When you’re planning your monster gaming PC build, the monitor you choose is crucial.
In addition to dictating what hardware you will need, your display will also affect your gaming experience.
The range of gaming monitors is extensive and encompasses everything from 24-inch 240Hz Full HD displays built for competitive FPS players to over 40-inch 4K panels that are more like TVs.
To help you select your next gaming monitor, we have outlined the main considerations below.
Resolution and Refresh
Resolution refers to the number of pixels on the display. This is represented in a format such as 1,920 x 1,080.
Common resolutions are listed below:
- HD – 1,360 x 768
- HD+ – 1,600 x 900
- Full HD – 1,920 x 1,080
- QHD – 2,560 x 1,440
- 4K UHD – 3,840 x 2,160
The higher the resolution of your display, the better the overall image quality.
It is also important to note that driving higher resolutions requires more graphics processing power; a GeForce GTX 970 might be fine for gaming on a Full HD monitor, but it would fall short when gaming at 4K.
Resolution is often considered closely with the monitor’s refresh rate. Refresh rate refers to the number of times per second that the image on a display will refresh itself.
The higher the refresh rate, the smoother your games will run – although this also requires extra graphics processing power.
Generally, if you are aiming to compete at a high level while playing first-person shooters and other fast-paced games, refresh rate can be extremely important.
Gamers who just want to sit back and relax might be better choosing a higher-resolution panel at 60Hz over a lower-resolution one at 144Hz.
A good indicator of a display’s visual quality apart from its resolution is its panel type.
The type of LCD panel which your monitor uses says a lot about its colour depth, viewing angle, and response time.
Response time refers to how quickly your monitor can show image transitions, and it is important for this to be 5ms or below for competitive gamers.
The three types of LCD panels are detailed below:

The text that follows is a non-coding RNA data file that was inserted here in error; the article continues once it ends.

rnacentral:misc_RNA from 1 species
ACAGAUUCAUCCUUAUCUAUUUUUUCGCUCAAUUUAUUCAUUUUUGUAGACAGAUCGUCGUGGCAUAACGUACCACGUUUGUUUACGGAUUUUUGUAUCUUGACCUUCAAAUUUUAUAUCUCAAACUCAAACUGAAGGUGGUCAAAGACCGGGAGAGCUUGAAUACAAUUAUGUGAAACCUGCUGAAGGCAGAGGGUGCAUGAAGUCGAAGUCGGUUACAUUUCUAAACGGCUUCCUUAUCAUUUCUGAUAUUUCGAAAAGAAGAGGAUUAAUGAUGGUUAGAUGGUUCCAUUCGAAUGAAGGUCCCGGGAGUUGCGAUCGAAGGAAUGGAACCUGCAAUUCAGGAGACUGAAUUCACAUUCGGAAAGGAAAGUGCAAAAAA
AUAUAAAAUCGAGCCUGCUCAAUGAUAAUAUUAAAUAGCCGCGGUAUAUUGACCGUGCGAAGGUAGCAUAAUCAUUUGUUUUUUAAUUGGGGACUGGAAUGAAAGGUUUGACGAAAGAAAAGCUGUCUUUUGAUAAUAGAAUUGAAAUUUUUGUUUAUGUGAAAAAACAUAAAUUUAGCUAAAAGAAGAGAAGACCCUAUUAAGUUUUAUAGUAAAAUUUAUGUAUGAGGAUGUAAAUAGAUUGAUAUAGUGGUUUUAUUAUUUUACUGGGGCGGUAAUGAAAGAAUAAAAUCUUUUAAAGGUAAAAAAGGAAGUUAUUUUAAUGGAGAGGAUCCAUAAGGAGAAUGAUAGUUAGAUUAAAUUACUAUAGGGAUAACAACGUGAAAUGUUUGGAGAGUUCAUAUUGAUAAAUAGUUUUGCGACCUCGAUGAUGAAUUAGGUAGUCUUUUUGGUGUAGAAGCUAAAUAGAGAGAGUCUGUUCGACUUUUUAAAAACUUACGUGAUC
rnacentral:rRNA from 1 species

- Twisted Nematic (TN) – Faster response times and refresh rates, but with poorer colour accuracy.
- Vertical Alignment (VA) Better contrast ratios and colour accuracy at the expense of response times vs TN.
- In-Plane Switching (IPS) – Superior colour accuracy to VA displays, but slower response times and refresh rates.
When looking at the panel, you should also check the viewing angle – which refers to the angle from which you can view a monitor without the image and colours losing their accuracy.
For example, a 160-degree viewing angle means you can view the display from 80 degrees to each side before the image and colours lose their accuracy.
Adaptive Sync and HDR
Lastly, there are gaming monitors on the market which offer adaptive sync features in the form of FreeSync and G-Sync.
Adaptive sync means that the refresh rate of the monitor syncs to the frames-per-second output of your graphics card, removing screen tearing and other artefacts.
FreeSync and G-Sync are AMD and Nvidia-developed technologies respectively, and are typically only compatible with graphics cards of the same brand.
This means that if you want a FreeSync monitor, you should get an AMD card, or an Nvidia card for a G-Sync monitor.
Unlike when purchasing TVs, High Dynamic Range (HDR) is not a major consideration when buying gaming monitors, although there are some that have been HDR-certified.
These are often expensive, and it may be a better financial choice to buy a non-HDR version.